The Americans with Disabilities Act (ADA) is a federal civil rights law meant to protect the disabled from discrimination. One of its main components is transportation.

"Transportation is key," said Kurt Baldwin, who is an advocate for the disabled with the Independent Living Center of Southern California. "It's always the number one issue. For people to live independently, you have to be able to get around."

We asked the MTA to respond.

"The equipment works if you had brought the right wheelchair in, but we can't control that," said Mark Maloney, General Manager of the Westide/Center Service Sector of the MTA.

Maloney says each driver gets a manual that includes 47 pages of information on how to serve passengers with disabilities, as well as explanations of ADA laws.

Each driver also gets two full days of sensitivity training.

"So we'll blindfold people, or have hearing-blockage type things," explained Maloney. "How to ride a wheelchair, what it's like to be in those shoes so you know what it's like. And drivers get a sense of what that is. The equipment we have is all very solid, it's new."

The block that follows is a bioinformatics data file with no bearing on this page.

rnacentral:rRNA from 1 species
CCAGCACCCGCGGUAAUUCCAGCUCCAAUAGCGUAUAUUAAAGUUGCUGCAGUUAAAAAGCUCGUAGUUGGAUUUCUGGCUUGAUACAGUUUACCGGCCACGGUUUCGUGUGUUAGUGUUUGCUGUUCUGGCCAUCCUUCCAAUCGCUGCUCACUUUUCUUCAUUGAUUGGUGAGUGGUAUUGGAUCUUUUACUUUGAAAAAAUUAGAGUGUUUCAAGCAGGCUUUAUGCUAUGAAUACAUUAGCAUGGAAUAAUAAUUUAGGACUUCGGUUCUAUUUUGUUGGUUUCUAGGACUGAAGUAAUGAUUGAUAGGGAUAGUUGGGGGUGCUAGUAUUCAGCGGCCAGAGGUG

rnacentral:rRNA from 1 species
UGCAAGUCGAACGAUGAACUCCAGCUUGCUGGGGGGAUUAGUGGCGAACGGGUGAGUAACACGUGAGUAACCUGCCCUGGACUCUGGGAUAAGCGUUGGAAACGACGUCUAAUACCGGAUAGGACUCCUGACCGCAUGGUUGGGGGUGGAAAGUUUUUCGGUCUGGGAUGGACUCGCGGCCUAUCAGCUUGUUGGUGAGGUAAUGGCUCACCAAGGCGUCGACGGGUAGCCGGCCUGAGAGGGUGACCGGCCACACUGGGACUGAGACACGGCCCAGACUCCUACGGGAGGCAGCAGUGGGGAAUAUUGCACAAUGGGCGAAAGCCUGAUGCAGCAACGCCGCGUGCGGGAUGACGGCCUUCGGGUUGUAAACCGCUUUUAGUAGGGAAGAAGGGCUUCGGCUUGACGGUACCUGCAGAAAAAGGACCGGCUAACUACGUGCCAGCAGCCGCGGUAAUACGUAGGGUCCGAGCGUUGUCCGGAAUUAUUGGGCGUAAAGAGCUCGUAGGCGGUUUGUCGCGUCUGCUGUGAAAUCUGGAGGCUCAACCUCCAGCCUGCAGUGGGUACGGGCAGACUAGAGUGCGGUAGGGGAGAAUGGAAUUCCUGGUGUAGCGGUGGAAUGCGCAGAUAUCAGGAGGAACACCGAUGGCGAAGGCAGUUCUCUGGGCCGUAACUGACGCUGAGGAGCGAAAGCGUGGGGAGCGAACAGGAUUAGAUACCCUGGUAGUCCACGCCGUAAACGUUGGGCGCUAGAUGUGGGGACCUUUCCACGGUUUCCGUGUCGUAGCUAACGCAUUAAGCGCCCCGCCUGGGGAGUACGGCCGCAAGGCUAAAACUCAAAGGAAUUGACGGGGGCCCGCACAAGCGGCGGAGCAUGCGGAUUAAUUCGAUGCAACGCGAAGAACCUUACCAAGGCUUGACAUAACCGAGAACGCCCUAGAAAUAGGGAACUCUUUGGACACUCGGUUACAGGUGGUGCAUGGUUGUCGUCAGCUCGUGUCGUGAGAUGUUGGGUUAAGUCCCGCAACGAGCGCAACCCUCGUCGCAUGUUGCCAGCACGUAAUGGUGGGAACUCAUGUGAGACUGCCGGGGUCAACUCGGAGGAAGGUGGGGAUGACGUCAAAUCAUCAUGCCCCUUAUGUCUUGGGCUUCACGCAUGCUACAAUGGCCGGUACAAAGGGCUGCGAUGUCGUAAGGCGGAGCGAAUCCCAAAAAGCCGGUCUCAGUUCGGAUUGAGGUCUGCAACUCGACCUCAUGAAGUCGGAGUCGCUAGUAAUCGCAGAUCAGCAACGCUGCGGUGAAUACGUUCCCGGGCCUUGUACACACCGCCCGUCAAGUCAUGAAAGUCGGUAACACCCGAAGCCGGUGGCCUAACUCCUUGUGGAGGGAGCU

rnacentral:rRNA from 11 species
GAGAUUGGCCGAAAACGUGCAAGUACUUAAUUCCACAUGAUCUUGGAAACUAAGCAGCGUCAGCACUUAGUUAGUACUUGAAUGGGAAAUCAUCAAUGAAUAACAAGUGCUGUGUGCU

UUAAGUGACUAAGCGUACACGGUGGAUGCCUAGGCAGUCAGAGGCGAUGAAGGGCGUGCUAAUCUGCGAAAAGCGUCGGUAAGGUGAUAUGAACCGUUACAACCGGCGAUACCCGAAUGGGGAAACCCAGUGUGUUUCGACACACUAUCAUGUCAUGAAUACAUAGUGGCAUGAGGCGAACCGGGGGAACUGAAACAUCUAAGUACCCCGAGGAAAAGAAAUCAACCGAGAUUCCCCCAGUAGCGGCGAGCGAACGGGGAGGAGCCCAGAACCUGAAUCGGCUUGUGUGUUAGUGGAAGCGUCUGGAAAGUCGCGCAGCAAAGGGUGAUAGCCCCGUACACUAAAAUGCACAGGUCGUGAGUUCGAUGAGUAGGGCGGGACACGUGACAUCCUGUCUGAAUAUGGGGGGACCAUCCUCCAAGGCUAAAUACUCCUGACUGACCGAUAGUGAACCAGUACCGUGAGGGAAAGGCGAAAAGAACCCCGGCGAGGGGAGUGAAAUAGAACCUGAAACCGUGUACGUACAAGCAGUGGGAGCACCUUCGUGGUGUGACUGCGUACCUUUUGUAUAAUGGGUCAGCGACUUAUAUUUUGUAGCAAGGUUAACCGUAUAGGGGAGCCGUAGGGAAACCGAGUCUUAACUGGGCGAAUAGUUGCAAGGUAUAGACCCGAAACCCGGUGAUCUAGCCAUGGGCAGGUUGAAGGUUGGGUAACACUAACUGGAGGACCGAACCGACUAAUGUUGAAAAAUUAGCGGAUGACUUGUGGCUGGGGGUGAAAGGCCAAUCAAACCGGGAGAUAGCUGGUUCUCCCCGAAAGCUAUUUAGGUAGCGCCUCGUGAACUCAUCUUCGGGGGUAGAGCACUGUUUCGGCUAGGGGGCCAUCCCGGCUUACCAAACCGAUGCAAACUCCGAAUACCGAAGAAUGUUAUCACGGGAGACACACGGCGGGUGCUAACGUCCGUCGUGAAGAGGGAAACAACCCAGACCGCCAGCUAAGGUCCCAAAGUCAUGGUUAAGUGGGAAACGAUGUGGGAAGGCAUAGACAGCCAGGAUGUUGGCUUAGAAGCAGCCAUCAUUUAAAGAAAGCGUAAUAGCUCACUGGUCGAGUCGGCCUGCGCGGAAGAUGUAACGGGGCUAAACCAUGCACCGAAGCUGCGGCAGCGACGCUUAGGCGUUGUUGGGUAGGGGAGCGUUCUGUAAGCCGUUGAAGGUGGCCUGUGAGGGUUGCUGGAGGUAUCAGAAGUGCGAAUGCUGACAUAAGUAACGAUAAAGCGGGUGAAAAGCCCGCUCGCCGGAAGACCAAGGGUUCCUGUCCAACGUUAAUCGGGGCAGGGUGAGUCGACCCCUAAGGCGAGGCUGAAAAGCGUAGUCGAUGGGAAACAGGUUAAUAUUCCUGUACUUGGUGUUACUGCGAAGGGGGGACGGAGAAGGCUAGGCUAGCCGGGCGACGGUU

But that's not what we found in our two-month undercover investigation.

In one of the videos, Judy asked a driver if the MTA ever fixes the buses. The driver claimed that he wrote up a bus the day before and it was put back on the road the next day.

Our investigation started with a letter written to Eyewitness News by 75-year-old Soon Cho. Mr. Cho told us he was "treated cruelly by bus drivers" and that buses often pass him by because they don't want to take the time to deploy the wheelchair lift.

We spent a day riding the bus with Cho and watched as the driver of one MTA bus encouraged at least a dozen passengers to board before the wheelchair-bound Cho.

"They often board the other passengers first and then say there's no room, and they're not allowed to do that," said Geffen.

It happened again and again.

We asked the MTA if the drivers we witnessed telling Cho to take the next bus were following proper protocol.

"No, that's unacceptable. The first thing they should do is try to load the wheelchair," said Maloney. "Obviously, it's not a perfect world. You can't stop a massive crowd all the time."

We asked the MTA if any of their bus drivers had ever been fired for violating the Americans with Disabilities Act, or otherwise infringing on a disabled person's rights. It's been two weeks and they have so far refused to answer that question.

The Federal Transit Administration (FTA) Office of Civil Rights is responsible for civil rights compliance and monitoring of public transportation. Those who have complaints regarding civil rights deficiencies by a transit agency may call FTA's toll-free ADA Assistance Line at (888) 446-4511 or through the Federal Information Relay Service, (800) 877-8339. We can be reached by E-mail at FTA.ADAAssistance@dot.gov. A civil rights complaint form is available at www.fta.dot.gov/civilrights/ada/civil_rights_3889.html.